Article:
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For a few days, some Olympic soccer players have been treated to the rarest of privileges at the Tokyo Games: spectators.

While fans have been barred from the vast majority of venues as one of the measures to contain coronavirus infections, three host prefectures are still allowing a limited number of spectators at Olympic venues.

Over the past week, the bulk of the fans at Kashima Soccer Stadium, about 70 miles northeast of the Olympic Stadium in Ibaraki Prefecture, were schoolchildren, dressed identically in their summer uniforms and sitting two seats apart.

The stadium was by no means full: No more than 1,200 schoolchildren, chaperoned by teachers and school officials, were allowed into a venue that has a capacity of more than 40,000. Wearing face masks, the children were instructed that they could clap but never cheer out loud.

Of course, enthusiasm sometimes overtook them. At the match between the United States and Australia, played Tuesday beneath muggy skies, the children mostly followed the rules and kept quiet. But when Alex Morgan, a U.S. forward, sent a ball into the goal, a few shouts erupted. (The goal was nullified by an offside ruling, and the game ended in a 0-0 tie.)

Plans to bring in children as spectators predated the pandemic, and originally, many more students were to attend the Games. Close to 10,000 students from 53 schools in the prefecture originally applied for the student tickets. But after the Games were postponed by a year, many parents withdrew their children. Only about 3,400 students attended the soccer matches over three days.

Some parents decided the opportunity was simply too good to pass up.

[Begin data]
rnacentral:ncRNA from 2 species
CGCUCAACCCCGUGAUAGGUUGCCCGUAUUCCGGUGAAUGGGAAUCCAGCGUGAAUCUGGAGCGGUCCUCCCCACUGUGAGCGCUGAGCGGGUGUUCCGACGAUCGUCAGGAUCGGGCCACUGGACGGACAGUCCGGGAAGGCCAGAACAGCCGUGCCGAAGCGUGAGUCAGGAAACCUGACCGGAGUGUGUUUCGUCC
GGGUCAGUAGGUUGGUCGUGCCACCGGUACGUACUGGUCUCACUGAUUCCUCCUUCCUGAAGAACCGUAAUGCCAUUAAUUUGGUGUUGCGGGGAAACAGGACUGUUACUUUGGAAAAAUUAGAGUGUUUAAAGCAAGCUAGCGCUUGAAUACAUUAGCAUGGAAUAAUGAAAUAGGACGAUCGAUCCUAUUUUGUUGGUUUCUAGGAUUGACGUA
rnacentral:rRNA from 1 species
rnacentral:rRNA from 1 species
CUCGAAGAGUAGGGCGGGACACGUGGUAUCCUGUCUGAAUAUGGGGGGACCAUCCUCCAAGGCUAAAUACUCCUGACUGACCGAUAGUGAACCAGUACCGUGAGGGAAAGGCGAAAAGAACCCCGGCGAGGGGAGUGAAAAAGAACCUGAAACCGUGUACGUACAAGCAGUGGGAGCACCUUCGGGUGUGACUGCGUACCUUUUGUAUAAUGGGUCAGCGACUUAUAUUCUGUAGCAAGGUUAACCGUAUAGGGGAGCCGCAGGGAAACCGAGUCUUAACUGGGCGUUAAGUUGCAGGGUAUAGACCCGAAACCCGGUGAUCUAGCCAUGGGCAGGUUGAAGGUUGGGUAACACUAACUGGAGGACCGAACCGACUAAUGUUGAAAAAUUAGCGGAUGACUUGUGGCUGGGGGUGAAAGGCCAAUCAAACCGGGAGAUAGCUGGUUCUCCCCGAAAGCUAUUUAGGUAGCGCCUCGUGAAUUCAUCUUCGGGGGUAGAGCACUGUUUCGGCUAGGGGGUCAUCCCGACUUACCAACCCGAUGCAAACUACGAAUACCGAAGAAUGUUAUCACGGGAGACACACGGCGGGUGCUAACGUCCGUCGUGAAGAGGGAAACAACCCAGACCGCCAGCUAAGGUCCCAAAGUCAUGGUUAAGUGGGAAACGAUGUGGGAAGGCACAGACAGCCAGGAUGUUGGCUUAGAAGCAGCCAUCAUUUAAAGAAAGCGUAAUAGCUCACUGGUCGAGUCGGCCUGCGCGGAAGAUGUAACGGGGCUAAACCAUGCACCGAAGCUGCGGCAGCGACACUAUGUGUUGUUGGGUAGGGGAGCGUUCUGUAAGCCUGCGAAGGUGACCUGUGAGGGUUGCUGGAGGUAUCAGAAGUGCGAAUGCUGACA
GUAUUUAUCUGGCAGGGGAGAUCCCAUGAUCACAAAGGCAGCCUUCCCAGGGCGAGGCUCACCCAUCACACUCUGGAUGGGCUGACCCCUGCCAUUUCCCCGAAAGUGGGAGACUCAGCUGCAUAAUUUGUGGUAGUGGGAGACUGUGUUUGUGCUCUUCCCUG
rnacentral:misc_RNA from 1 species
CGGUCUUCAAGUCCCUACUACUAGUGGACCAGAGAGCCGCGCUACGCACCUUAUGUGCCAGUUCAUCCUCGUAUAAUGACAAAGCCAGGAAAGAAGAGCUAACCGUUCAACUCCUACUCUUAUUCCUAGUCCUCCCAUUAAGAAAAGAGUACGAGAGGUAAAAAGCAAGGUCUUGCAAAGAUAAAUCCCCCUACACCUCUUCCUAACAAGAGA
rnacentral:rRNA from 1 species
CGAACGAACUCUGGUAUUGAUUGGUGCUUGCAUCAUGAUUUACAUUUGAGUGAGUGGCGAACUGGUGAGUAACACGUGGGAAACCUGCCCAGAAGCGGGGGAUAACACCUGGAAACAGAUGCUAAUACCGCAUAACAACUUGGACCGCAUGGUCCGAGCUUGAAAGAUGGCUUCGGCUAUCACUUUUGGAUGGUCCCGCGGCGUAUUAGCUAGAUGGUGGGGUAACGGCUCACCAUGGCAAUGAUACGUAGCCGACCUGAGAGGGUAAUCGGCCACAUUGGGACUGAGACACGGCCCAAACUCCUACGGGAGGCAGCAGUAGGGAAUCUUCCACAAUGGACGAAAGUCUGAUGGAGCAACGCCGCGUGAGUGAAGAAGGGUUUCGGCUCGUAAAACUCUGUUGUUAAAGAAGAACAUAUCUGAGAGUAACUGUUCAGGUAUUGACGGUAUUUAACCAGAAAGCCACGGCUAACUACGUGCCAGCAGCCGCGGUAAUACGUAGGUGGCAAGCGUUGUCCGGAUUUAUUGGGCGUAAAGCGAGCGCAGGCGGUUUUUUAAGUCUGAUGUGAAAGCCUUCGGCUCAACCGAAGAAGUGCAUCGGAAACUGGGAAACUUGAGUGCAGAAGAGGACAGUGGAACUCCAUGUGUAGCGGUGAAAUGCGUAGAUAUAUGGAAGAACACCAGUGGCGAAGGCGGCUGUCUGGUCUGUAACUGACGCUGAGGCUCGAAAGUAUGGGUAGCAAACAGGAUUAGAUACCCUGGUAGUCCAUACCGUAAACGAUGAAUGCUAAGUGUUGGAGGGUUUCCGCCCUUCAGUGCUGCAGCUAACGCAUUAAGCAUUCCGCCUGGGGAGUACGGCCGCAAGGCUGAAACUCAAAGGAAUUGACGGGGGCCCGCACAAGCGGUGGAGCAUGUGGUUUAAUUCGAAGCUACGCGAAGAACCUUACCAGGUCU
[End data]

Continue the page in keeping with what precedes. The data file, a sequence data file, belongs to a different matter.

“The Olympics are very special,” said Hiroyuki Onuma, principal of Kashima Fuzoku Junior High, who accompanied 60 students to the stadium Tuesday. “This probably will be the first and the last chance for these children. It will be a wonderful memory for them.”

Honoka Kikuta, 12, said she felt bad that more spectators were unable to attend.

“I think seeing a game in person is very special,” said Honoka, who brought an American flag to cheer on the U.S. team.

With the relative silence in the stadium, she could hear the players’ chatter on the field, although she did not understand the English words.

Go Saito, 14, said it had been more than a year since he set foot inside the stadium, where a local team, the Kashima Antlers, regularly plays.

“Some of my friends didn’t come as they were worried about infections,” he said. “I’m not worried. We are doing well in the prevention measures. And the Olympics are very special, and may or may not happen here only once in my life.”

For the athletes, the presence of somebody — anybody — in the stands was a blessing.

“It was wonderful to have some fans, to have somebody in the stands, clapping, cheering a little bit,” Morgan said after the match Tuesday. “It’s challenging to play in front of an empty stadium. So it was a nice surprise for us.”

© 2021 The New York Times Company

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